A “Petticoat Elector”

This woman is casting her vote into a ballot box.

She represents an older generation of women whom critics labeled as “petticoat electors” in newspapers of the time. The phrase meant to diminish older women voters as inexperienced in politics and the pawns of male candidates. “Petticoat elector” references a woman’s petticoat, a skirt-like garment covering from her waist to her shoes. Though still a popular garment in 1801, the petticoat was considered old fashioned compared to the neoclassical garments like those worn by the younger woman next to her.

A total of 343 voters cast their ballots in the state election held in Montgomery Township in October 1801. At least 46 of those voters were women, including four women of the VanDike family: Rebecca, Catherine, Ann, and Sarah. The latter three were daughters of an “infamous” Loyalist who fought for George III during the Revolutionary War. Rebecca was the name of both John’s wife and another daughter. Due to the amount of property she controlled, it seems quite possible that Rebecca (the mother of Catherine, Ann, and Sarah) voted in 1801 along with her three daughters. If that is the case, it may be a rare example of a married woman voting, and a demonstration of how the disruption of the Revolutionary War challenged family relationships and the laws of property ownership. This figure in the tableau depicts a woman of Rebecca VanDike’s age. Learn more about Rebecca VanDike.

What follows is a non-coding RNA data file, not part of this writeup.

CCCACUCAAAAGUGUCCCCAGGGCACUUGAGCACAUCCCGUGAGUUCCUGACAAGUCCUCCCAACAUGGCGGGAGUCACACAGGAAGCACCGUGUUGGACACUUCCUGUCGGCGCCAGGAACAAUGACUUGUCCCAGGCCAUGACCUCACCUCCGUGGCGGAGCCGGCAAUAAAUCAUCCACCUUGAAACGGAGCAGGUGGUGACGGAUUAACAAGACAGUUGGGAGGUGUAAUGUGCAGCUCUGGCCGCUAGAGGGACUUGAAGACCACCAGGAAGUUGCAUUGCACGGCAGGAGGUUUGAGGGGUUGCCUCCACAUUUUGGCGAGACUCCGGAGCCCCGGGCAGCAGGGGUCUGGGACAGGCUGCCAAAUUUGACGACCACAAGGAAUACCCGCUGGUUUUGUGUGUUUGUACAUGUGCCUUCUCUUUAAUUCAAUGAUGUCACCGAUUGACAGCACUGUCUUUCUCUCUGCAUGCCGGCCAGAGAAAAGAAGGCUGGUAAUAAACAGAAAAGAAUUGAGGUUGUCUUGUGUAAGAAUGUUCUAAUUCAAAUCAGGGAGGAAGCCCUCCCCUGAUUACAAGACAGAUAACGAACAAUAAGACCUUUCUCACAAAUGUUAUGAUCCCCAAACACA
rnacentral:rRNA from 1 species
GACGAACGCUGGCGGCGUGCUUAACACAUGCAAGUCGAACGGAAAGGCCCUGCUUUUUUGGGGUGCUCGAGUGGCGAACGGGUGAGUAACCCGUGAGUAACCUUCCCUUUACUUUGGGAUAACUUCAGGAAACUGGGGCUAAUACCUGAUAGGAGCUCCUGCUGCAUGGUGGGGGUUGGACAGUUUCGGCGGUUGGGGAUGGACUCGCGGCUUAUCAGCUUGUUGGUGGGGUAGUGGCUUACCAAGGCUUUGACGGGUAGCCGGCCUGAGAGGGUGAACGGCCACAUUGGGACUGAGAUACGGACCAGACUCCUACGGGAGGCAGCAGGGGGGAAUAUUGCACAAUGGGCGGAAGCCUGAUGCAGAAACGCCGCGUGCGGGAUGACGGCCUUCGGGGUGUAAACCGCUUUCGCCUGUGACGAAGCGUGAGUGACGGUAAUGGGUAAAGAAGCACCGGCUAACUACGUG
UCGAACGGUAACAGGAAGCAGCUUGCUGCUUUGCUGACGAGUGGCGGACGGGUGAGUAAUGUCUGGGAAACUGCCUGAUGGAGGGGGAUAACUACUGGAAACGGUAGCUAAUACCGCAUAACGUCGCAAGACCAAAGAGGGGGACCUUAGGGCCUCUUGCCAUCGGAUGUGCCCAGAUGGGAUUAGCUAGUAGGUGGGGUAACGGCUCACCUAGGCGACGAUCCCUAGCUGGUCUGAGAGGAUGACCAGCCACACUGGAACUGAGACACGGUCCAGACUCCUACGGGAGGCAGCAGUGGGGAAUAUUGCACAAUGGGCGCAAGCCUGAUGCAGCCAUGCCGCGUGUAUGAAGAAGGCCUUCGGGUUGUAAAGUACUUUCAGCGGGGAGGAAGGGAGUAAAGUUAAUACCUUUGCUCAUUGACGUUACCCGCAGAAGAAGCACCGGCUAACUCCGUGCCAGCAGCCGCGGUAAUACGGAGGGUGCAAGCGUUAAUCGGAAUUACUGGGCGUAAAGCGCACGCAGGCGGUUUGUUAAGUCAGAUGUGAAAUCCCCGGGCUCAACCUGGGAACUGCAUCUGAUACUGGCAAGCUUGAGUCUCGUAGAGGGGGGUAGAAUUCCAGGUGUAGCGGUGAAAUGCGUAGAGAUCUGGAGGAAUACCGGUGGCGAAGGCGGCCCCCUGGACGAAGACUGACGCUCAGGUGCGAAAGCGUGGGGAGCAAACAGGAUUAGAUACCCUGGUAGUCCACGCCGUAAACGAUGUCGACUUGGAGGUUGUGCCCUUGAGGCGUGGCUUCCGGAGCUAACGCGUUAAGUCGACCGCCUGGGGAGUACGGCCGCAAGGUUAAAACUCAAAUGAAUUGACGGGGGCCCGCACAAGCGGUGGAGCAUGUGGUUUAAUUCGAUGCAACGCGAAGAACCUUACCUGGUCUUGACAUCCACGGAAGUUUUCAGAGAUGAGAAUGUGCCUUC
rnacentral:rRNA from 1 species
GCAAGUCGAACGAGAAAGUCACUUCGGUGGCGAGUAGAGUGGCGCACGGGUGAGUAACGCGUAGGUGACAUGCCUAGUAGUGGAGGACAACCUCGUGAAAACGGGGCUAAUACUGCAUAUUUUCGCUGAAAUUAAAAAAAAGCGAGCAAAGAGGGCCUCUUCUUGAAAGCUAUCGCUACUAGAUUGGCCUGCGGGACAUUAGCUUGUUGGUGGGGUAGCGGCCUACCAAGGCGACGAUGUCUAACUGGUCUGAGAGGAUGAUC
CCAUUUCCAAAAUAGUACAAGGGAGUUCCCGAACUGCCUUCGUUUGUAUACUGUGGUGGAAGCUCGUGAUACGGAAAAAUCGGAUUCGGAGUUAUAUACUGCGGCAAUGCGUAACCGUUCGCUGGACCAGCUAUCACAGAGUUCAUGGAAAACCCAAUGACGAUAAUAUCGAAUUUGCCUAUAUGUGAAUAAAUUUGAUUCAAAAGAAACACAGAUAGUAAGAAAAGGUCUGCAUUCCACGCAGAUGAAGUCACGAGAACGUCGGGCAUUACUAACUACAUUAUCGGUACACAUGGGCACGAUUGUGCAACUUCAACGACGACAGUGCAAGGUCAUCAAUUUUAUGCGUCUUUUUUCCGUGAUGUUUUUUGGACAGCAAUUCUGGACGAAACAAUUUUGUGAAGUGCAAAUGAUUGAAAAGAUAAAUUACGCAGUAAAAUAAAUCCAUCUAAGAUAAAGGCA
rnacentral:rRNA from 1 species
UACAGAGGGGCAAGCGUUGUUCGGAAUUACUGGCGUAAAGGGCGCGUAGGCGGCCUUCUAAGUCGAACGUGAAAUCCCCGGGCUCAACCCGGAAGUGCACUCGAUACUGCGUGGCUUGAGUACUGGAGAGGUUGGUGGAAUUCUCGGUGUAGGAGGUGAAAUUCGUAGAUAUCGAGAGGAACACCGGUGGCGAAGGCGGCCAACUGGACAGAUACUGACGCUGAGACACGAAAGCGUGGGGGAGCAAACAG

The ballot box show here is based upon a circa 1811 ballot box from Deptford Township, New Jersey. The box would have met the stringent requirements for ballot boxes listed in New Jersey’s 1797 electoral reform law.

Photograph by Museum of the American Revolution